Retailers have already begun putting the technology to use. For example, beauty suppliers such as Ulta and Sephora-offer virtual live makeup tutorials for their customers. The experience is interactive and uses multiple senses (touch, smell, feel, and sight) — something online-only retailers can’t offer, Benioff added.

    “Clearly it is too soon to tell how much Poké-metrics will impact actual retailer and restaurant foot traffic and spending, but in the age of experiential retail, this will go down as the first huge success of gamification applications as a retail tool,” said Garrick-Brown, vice president of retail research for the Americas for Cushman & Wakefield. “And that is the big story.”

    “What Pokémon’s success tells us is that the idea of a workable, interactive game on smartphone devices to lure people to stores, restaurants and bars is not just a feasible one, but one with a lot of potential upside,” Brown said.

    Just as there is a lot of potential upside, there is a potential downside as well for the retail industry, cautioned Llenrock’s Benioff.

    There is an immediate danger from the inverse use of the application where the app can scan a consumer’s home, allowing them to virtually display a product (i.e. furniture) via hologram or graphic in their home, Benioff said.

    In that case, “they may be less likely to visit a brick and mortar store,” he said.

    Augment reality technology also offers potential applications well beyond the retail industry.

    “A huge plus to AR in the industrial space is the fact that it cuts the time of any job, whether in the sectors of design, robotics, manufacturing or logistics,” Benioff said. “This technology can be used for transportation, administrative purposes, or even to control environmental factors and operations.”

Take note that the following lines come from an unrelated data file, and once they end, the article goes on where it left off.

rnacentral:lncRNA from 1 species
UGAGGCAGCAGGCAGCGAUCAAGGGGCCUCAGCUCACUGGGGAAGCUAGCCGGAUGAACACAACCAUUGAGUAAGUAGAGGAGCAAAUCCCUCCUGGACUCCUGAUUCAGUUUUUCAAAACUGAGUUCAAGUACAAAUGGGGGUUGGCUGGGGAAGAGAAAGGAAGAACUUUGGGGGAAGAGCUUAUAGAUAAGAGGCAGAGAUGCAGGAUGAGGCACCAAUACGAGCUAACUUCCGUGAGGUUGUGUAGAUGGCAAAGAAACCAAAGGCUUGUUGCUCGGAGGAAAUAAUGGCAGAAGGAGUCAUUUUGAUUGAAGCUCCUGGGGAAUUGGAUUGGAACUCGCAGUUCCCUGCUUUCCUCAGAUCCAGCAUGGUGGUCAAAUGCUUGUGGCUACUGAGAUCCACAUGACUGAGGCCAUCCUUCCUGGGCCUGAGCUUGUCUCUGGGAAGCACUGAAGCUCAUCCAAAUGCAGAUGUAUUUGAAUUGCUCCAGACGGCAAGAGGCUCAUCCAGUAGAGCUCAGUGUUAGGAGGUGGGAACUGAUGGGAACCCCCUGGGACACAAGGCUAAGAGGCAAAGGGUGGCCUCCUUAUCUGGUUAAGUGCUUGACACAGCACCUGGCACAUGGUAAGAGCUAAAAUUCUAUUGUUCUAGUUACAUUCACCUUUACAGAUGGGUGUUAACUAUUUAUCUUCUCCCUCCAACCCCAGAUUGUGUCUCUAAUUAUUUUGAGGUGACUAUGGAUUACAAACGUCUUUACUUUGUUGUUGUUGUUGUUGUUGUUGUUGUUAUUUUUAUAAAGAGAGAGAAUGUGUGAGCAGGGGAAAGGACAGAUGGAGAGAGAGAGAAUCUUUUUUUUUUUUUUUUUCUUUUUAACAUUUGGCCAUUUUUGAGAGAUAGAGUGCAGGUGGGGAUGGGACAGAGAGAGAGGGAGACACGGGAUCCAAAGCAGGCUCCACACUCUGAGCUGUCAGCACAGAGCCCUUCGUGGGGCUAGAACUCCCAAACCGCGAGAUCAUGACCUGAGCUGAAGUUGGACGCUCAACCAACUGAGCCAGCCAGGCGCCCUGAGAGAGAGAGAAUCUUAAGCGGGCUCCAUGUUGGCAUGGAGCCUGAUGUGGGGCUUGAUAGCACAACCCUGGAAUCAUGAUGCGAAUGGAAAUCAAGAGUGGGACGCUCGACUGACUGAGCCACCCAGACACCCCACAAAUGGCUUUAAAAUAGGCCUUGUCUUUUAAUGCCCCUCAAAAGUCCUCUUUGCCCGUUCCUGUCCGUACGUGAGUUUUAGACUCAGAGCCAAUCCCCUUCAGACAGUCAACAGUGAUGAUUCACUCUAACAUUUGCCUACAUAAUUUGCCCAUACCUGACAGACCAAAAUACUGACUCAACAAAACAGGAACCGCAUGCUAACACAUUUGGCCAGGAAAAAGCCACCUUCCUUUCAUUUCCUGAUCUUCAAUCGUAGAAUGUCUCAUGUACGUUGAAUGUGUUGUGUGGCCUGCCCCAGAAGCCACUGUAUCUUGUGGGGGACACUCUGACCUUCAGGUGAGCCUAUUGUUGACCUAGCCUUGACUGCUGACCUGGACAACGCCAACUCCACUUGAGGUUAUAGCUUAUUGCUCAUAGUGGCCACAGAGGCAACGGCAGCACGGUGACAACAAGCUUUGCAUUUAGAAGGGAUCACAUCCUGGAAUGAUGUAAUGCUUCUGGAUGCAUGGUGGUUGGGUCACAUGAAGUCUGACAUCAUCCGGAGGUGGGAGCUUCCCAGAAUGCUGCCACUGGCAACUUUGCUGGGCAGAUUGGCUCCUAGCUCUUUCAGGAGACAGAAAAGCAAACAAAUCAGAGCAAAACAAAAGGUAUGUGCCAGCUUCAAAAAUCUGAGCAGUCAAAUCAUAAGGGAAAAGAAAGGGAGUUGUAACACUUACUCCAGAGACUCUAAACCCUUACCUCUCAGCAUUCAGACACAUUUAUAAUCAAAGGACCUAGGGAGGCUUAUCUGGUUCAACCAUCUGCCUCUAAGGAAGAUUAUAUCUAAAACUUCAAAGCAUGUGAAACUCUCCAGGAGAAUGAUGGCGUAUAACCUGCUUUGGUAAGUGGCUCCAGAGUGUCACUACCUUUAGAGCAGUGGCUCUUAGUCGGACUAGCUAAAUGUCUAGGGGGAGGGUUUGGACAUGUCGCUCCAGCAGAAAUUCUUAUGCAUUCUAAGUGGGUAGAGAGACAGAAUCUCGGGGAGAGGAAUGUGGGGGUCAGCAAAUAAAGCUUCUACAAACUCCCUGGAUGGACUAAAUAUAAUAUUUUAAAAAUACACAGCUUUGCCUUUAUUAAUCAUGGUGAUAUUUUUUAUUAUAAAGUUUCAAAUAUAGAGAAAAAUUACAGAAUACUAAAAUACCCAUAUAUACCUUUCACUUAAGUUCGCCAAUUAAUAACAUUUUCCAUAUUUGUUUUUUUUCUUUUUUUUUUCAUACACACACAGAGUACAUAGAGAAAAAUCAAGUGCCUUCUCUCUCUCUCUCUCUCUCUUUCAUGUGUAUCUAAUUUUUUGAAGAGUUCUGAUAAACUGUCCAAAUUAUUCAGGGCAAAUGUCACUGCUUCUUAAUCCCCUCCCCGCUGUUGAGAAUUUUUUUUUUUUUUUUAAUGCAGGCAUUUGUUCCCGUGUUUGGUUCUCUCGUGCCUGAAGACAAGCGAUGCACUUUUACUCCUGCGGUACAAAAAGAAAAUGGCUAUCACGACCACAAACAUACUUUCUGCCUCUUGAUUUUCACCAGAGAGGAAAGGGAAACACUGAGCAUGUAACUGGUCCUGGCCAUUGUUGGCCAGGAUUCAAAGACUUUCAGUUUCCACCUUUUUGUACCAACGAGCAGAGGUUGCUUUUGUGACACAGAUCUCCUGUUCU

Such uses could conceivably increase demand for industrial properties with strong and consistent power sources. Many developers turn to older, abandoned industrial spaces that may not necessarily be able to sustain the power needed for various aspects of AR, Benioff said, but new construction is usually cheaper than rehabbing a property, so investors and developers may be more keen on constructing new industrial sites which are designed to sustain high power usage and relieve network performance issues.

    The overwhelming adoption of the game has also spurred interest in new data centers due to concerns surrounding ‘server overload.’

    The data center community may have found the catalyst that will propel gaming into becoming a critical market for data center operators, as one analyst said.

    “Though it may be just a game, it’s a brief insight into the technology our world will wield 10 or even five years from now,” wrote Jack Karsten and Darrell West, analysts with The Brookings Institution. “Augmented reality of the future means instead of seeing a Charizard in front of your apartment building, a fireman can see the structural vulnerabilities, temperatures, and exit routes.”

    “When the world relies on AR, [the internet of things], and 5G networks for more than a game, there are serious implications if there is latency or networks go offline completely,” they wrote. “It’s one thing when Pokémon Go freezes in the midst of catching another Weedle, but it’s another issue entirely when computers freeze or even lag in a world where robots perform surgery.”